Energy Efficient Homes
We hear the term energy efficiency a lot nowadays. Whether it be on an advertisement for a new appliance, our heating bill, or our new POTUS. But what does it mean to be energy efficient? Energy efficiency is simple using less energy to do the same task. You are simply doing more with less. Energy efficiency brings a variety of benefits: reducing greenhouse gas emissions, reducing demand for energy imports, and lowering our costs on a household and economy-wide level. While renewable energy technologies also help accomplish these objectives, improving energy efficiency is the cheapest – and often the most immediate – way to reduce the use of fossil fuels. Because of energy efficiency, electricity demand in New England has stayed flat the last few years, even though we all have more electronic devices and our homes and businesses use more power.
Energy consumption has grown incredibly fast over the last few decades. We are in danger of using up the planet’s natural resources, destroying vital habitats and polluting the air we need to breathe. The more energy we use, the more carbon emissions are pumped into the atmosphere and the more our reserves of natural resources such as oil, coal and gas are depleted. The global economy is based heavily on these resources, and as they dwindle their cost will increase, causing financial imbalances around the world and resulting in energy poverty in many areas of society. Nobody wants to pay more than they have to for everyday necessities like heating and hot water, so it makes sense to be energy efficient. That way you fulfill your energy needs while paying as little as possible.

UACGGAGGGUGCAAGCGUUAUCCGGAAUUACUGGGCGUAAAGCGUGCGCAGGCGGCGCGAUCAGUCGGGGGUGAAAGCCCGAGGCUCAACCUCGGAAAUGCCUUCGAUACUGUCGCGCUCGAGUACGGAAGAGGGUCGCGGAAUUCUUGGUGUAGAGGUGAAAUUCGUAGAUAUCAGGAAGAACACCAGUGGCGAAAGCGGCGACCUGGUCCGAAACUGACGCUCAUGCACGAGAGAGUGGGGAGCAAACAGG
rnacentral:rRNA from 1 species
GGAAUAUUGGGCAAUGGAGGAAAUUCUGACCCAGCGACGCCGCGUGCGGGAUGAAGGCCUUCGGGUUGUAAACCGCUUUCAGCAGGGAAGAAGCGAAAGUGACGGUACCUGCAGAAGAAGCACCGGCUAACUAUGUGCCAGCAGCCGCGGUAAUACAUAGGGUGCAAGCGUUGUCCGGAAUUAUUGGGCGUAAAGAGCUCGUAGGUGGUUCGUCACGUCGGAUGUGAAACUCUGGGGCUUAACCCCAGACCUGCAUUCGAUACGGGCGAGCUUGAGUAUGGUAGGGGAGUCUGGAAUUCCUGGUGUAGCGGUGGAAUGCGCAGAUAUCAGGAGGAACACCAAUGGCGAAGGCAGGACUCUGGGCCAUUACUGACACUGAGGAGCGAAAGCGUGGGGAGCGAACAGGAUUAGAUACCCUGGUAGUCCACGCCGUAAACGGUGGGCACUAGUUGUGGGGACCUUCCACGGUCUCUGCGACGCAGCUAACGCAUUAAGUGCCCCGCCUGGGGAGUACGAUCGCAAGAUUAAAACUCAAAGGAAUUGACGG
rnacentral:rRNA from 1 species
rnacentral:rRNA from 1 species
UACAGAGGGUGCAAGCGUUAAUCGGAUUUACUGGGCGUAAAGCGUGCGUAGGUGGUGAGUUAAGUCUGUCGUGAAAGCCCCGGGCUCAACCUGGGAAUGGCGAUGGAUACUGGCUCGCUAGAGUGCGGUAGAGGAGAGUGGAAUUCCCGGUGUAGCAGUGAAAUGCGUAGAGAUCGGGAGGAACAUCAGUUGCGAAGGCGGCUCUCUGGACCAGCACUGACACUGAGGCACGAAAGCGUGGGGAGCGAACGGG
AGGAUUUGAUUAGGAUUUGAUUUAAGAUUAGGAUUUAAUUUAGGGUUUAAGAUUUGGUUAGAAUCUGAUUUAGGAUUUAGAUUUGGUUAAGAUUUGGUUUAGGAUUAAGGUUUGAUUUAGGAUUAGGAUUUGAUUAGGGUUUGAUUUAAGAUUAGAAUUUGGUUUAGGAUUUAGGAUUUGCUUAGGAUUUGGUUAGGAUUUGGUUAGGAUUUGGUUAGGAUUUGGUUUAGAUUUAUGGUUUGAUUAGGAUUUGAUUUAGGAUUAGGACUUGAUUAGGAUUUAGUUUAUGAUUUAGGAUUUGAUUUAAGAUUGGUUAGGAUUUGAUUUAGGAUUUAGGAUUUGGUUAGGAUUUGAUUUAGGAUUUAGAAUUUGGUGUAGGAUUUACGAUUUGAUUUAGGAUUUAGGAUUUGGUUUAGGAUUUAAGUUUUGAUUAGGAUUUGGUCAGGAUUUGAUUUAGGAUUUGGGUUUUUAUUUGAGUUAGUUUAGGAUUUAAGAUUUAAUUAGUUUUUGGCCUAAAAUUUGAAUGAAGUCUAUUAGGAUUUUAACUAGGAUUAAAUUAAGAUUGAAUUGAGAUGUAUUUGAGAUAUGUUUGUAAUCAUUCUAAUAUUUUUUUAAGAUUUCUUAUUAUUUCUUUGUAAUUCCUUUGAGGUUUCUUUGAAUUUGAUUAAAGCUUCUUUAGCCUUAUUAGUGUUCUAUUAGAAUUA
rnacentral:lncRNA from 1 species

If you want to know how to be more energy efficient, the first place to start is in your own home. I know when I was growing up, my dad was always on us for leaving the TV or lights on when not in the room. Though his intent was to save money on the electric bill, the first rule of saving electricity is: don’t leave appliances on standby. If you're not using it, turn it off and unplug it (when applicable.) Another easy way to become more energy efficient is to start using rechargeable batteries and energy efficient light bulbs. Energy-efficient bulbs use up to 80% less electricity than traditional light bulbs and can keep going for ten times as long. Another trick to try it to cut down the cost of heating your home. If you’ve had your boiler for more than 15 years, it’s probably time to consider upgrading to a newer, more eco-friendly model. Make sure your thermostat and boiler are communicating properly, fit individual thermostats on radiators, and get a control system that lets you switch off the heating remotely if necessary. Winterize your home and when the time is right, replace old windows and doors. Check to make sure your electrical appliances work as efficiently as possible. It isn’t energy efficient to throw out all your old products and replace them with new, energy-saving items; instead, wait until they wear out and then replace them. Next week I’ll be covering the top rated energy efficient appliances. Don’t forget to stop back in and check that one out!